5. I believe this is the thinking of the group Reform and has been chinned off by the government, which given the Tories previous penchant for the private sector had my eyebrows raising like Roger Moore chatting up a bird in a bar.
    My mate is a prisoner officer and the nick where he works had a market test case which decided against privatisation along with as i understand it several others.

    As an aside:
    Reform is an independent, charitable, non-party think tank whose mission is to set out a better way to deliver public services and economic prosperity.

    The above copied and pasted from the Reform website which immediately got the spidey senses tingling.
  6. As long as arbiets machts frei free while they're banged up inside, its all good.
    • Like Like x 1
  7. I'm undecided on private prisons:

    - can you be secure of security? (Same can be said for a public prison but you have more control)

    - can you be sure of the staff (same for a public prison, but you have more control)?

    - can you be sure that the staff will be treated as prison staff by the inmates?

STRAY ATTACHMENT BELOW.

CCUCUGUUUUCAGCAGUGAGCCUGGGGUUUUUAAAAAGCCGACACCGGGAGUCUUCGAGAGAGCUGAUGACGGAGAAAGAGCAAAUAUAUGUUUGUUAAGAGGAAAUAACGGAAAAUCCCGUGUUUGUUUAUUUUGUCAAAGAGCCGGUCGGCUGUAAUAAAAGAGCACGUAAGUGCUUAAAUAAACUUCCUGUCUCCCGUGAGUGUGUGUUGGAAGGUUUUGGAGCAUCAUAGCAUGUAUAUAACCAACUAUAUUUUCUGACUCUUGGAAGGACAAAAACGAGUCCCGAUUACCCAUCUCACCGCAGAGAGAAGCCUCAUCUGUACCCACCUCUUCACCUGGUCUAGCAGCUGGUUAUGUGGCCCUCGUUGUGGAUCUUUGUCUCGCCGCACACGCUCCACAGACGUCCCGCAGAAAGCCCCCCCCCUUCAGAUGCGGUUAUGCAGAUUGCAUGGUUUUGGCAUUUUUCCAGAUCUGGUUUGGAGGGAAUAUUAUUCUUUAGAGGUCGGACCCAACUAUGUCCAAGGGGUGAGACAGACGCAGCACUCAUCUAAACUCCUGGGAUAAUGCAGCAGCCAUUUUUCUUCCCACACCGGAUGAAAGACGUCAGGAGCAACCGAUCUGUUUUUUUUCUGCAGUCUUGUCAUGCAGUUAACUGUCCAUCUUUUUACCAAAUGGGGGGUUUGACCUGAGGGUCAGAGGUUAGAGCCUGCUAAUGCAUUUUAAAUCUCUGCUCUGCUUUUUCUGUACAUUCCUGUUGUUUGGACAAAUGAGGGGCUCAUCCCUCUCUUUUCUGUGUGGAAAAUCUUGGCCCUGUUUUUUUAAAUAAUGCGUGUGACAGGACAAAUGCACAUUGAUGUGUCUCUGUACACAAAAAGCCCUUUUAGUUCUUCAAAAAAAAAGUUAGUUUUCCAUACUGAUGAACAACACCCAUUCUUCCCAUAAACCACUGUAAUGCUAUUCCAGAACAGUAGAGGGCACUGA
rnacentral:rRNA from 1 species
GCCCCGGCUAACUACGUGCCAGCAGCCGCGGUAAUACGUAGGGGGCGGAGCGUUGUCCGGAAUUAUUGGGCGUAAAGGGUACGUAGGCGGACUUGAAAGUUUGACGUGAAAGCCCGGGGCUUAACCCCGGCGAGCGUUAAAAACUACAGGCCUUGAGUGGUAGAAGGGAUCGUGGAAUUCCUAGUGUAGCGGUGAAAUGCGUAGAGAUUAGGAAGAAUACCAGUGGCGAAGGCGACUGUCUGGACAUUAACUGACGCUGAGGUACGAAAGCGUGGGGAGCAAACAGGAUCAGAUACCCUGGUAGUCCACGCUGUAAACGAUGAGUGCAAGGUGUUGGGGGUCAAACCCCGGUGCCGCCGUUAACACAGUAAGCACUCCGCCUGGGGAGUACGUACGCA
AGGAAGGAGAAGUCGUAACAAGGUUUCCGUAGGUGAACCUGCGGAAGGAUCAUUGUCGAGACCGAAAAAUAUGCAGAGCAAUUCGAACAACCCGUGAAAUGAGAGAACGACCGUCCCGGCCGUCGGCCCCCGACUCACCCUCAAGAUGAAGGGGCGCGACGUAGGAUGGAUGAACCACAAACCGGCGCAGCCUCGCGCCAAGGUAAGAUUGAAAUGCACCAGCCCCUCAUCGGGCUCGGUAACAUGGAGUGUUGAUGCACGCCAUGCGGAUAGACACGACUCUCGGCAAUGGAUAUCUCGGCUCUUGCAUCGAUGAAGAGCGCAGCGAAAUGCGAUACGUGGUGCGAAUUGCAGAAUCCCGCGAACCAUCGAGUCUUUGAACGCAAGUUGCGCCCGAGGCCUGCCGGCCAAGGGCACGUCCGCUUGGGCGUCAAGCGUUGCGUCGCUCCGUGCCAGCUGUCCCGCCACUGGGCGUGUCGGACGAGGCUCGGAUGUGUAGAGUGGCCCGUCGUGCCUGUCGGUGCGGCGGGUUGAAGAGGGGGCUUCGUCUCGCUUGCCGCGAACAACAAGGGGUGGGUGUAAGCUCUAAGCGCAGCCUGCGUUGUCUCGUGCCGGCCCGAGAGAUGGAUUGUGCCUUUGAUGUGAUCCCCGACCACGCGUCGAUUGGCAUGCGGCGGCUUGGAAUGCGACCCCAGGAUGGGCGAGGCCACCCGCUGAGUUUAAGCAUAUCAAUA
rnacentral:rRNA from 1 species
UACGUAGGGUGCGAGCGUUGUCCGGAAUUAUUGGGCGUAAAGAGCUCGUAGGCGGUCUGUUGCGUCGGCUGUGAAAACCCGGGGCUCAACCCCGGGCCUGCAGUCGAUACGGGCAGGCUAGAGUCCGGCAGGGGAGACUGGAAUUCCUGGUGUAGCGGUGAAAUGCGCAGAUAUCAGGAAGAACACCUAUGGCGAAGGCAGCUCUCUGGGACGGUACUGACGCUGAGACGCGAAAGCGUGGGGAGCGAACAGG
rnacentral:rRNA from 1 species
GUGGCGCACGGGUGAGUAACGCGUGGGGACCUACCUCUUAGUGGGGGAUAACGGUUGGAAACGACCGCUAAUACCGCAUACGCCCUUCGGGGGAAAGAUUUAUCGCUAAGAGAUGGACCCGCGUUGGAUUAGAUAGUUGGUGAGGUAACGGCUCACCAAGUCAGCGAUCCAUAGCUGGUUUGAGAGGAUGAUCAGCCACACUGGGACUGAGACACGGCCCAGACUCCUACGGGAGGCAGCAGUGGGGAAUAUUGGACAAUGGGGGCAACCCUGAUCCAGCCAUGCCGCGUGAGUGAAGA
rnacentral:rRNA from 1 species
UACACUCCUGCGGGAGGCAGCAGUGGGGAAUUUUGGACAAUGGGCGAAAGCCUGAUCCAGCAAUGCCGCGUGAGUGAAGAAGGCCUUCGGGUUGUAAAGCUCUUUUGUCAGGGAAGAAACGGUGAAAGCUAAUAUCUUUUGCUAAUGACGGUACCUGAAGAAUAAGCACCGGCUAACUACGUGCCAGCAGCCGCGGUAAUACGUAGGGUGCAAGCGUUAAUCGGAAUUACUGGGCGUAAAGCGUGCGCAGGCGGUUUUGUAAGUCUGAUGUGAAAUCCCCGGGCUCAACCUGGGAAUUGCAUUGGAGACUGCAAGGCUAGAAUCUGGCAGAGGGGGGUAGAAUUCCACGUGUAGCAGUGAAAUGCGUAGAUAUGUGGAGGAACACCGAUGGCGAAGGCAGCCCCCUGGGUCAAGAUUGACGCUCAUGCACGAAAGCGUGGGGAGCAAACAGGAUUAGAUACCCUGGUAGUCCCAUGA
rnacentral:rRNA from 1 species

Maybe a good solution would be to have a public prison governor and a public prison middle manager per shift?

    And build in massive fines for escapes, violence etc.

    Would they be more suited to running open/training type prisons?

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  8. Mrs. B is very senior in NOMS. Private prisons are overseen by operational NOMS people (ie a regional director who was governor previously) in the same way that public prisons are and have to conform to exactly the same standards, so the reality is they are theoretically just as safe/dangerous/well run/badly run as any public sector prison.

    Private sector certainly pay less though, except for governor grades are who significantly better paid than their public sector counterparts.
    • Like Like x 1
  9. No better or worse than a privatised Army I suppose.